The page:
Dr. Ross Williamson

PhD Title:
The influence of statistical context on the neural representation of sound

PhD Abstract:
Models of stimulus-response functions have been used for decades in an attempt to understand the complex relationship between a sensory stimu- lus and the neural response that it elicits. A popular model for character- ising auditory function is the spectrotemporal receptive field (STRF), originally due to Aertsen and Johannesma (1980); Aertsen et al. (1980, 1981). However, the STRF model predicts auditory cortical responses to complex sounds very poorly, presumably because the model is linear in the stimulus spectrogram and thus incapable of capturing spectrotemporal nonlineari- ties in auditory responses.

Ahrens et al. (2008a) introduced a multilinear framework, which captures neuron-specific nonlinear effects of stimulus context on spiking responses to complex sounds. In such a framework, contextual effects are interpreted as non-linear stimulus interactions that modulate the input to a subsequent STRF-like linear filter. We derive various extensions to this framework, and demonstrate that the nonlinear effects of stimulus context are largely in- separable, and fundamentally different for near-simultaneous and delayed non-simultaneous sound energy. In two populations of neurons, recorded from the mouse auditory cortex and thalamus, we show that simultane- ous sound energy provides a nonlinear positive (amplifying) gain to the subsequent linear filter, while non-simultaneous sound energy provides a negative (dampening) gain. We demonstrate that this structure is largely responsible for providing a significant increase in the predicitve capabili- ties of the model.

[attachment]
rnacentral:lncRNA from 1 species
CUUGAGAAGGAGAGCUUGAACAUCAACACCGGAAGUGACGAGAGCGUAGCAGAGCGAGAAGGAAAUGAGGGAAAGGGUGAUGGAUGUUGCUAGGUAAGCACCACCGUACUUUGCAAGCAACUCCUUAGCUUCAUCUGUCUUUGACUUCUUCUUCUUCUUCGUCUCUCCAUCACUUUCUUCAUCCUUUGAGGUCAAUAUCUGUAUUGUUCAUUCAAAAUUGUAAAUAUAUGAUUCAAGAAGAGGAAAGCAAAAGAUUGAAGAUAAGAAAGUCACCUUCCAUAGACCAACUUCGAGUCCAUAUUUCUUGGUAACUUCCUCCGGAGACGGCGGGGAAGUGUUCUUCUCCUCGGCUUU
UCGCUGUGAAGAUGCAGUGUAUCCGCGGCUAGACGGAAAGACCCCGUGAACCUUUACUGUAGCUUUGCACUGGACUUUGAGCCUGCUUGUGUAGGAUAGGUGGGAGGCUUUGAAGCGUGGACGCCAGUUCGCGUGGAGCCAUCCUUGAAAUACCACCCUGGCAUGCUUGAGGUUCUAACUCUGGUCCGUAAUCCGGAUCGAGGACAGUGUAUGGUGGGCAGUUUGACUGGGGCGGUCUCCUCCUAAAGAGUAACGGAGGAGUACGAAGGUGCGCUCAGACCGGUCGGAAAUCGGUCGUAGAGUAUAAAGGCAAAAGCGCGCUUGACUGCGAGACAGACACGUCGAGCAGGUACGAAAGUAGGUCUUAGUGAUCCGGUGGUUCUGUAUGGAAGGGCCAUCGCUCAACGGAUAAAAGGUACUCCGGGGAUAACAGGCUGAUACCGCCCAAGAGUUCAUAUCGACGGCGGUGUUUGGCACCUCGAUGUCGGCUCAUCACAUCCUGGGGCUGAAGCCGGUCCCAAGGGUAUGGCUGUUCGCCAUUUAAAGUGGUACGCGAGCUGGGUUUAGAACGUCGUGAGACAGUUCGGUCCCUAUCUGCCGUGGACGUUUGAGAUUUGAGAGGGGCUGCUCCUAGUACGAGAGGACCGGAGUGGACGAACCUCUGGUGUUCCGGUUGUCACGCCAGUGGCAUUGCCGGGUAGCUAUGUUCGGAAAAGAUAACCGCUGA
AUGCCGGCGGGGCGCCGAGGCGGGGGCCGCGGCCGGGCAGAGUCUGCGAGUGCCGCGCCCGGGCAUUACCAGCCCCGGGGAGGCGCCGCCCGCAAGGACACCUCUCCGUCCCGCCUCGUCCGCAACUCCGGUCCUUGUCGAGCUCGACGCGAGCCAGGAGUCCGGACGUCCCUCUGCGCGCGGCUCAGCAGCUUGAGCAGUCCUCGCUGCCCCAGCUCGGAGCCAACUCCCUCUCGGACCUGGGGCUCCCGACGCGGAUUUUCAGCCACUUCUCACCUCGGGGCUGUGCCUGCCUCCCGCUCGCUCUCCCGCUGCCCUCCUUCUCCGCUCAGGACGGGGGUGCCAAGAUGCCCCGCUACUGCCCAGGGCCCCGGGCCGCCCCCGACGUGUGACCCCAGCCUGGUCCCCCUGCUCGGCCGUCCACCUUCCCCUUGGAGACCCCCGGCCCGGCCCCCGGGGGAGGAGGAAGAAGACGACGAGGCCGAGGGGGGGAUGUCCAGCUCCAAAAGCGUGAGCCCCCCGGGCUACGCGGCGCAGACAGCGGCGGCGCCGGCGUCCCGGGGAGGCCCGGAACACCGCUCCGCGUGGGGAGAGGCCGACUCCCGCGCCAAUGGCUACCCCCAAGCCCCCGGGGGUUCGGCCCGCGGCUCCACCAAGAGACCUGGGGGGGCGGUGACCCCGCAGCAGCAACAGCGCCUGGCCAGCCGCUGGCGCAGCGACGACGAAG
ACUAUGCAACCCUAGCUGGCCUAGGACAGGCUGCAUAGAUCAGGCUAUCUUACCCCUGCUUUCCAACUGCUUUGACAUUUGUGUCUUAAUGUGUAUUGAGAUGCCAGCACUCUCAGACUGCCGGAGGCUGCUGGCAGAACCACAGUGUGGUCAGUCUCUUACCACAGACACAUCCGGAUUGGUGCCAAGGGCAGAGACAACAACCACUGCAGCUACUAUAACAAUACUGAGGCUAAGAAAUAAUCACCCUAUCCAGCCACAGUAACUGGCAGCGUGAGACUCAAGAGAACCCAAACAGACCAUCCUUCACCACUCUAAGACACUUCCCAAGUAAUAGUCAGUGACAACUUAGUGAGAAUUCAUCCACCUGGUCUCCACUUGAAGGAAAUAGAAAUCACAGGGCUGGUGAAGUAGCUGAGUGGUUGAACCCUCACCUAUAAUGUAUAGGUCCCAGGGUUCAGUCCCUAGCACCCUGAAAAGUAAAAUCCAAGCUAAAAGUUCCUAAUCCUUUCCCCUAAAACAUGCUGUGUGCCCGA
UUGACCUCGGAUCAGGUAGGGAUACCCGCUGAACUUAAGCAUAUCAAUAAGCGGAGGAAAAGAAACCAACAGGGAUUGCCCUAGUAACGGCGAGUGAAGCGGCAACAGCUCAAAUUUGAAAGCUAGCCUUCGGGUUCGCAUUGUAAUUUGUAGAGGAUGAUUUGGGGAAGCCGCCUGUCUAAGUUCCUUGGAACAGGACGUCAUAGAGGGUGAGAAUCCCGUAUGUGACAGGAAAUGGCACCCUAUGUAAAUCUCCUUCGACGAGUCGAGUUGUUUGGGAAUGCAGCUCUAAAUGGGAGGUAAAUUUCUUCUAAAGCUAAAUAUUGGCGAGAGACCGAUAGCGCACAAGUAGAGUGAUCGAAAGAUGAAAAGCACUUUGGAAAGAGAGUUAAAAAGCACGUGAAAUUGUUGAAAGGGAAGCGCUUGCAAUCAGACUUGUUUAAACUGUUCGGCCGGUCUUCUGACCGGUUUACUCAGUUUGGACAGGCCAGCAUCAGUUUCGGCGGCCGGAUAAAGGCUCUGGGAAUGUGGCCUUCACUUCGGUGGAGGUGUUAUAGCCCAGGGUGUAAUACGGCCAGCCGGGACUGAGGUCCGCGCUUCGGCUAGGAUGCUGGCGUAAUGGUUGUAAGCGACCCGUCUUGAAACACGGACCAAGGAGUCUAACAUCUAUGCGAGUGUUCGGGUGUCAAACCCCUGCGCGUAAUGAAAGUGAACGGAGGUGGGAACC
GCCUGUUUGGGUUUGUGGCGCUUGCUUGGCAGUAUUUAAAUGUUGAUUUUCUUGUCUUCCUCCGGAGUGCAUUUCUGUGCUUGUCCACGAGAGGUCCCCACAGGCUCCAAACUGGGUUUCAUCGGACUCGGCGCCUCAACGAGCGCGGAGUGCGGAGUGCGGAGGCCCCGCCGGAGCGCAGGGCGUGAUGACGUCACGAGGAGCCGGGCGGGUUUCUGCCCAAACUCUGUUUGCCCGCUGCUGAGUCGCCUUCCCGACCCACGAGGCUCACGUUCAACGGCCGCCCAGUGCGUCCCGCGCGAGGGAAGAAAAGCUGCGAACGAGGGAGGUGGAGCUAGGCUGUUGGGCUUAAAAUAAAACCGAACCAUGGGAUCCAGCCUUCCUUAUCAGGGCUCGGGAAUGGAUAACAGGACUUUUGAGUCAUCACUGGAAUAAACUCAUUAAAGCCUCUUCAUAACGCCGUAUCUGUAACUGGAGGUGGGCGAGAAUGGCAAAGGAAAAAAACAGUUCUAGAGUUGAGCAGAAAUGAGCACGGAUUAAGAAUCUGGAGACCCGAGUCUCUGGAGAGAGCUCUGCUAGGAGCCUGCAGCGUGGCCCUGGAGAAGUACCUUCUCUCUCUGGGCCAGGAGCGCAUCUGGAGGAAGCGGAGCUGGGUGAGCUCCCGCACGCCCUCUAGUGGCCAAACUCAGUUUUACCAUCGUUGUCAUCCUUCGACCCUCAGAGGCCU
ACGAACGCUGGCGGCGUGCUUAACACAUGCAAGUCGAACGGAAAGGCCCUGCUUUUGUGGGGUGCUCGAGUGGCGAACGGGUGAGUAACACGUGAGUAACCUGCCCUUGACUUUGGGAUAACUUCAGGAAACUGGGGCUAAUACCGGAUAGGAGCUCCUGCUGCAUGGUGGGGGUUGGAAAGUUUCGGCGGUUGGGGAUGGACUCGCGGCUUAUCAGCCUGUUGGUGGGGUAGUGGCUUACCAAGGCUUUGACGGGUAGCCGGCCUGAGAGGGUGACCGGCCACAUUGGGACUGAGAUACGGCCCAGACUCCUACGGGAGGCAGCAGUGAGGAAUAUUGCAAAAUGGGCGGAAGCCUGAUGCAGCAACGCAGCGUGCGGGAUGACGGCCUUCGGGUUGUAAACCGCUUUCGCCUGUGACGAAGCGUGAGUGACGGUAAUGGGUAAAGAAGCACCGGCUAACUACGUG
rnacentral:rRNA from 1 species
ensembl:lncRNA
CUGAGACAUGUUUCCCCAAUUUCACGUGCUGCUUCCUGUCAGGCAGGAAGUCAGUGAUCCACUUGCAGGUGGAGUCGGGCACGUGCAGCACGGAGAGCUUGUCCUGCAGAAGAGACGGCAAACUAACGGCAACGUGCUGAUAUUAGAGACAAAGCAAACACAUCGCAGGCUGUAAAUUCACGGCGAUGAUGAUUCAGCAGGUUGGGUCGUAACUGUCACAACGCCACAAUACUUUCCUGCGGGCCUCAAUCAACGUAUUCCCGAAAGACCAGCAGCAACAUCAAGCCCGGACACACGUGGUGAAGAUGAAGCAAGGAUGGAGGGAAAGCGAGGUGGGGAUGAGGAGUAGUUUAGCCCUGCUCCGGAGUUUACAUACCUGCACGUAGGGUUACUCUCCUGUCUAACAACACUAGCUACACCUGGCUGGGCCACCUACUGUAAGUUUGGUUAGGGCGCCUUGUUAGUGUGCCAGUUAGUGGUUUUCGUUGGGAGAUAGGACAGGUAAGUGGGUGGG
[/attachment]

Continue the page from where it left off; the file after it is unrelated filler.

Using this framework, we show that nonlinear context dependence dif- fers between cortical fields, consistent with previous studies (Linden et al., 2003). Furthermore, we illustrate how such a model can be used to probe the nonlinear mechanisms that underly the ability of the auditory system to operate in diverse acoustic environements. These results provide a novel extension to the study of receptive fields in multiple brain areas, and ex- tend existing understanding of the way in which stimulus context drives complex auditory responses.

Next employment after CoMPLEX:
Post-Doc at Harvard Medical School, Boston MA, USA

Contact:
ross.s.williamson@gmail.com

Ross Williamson

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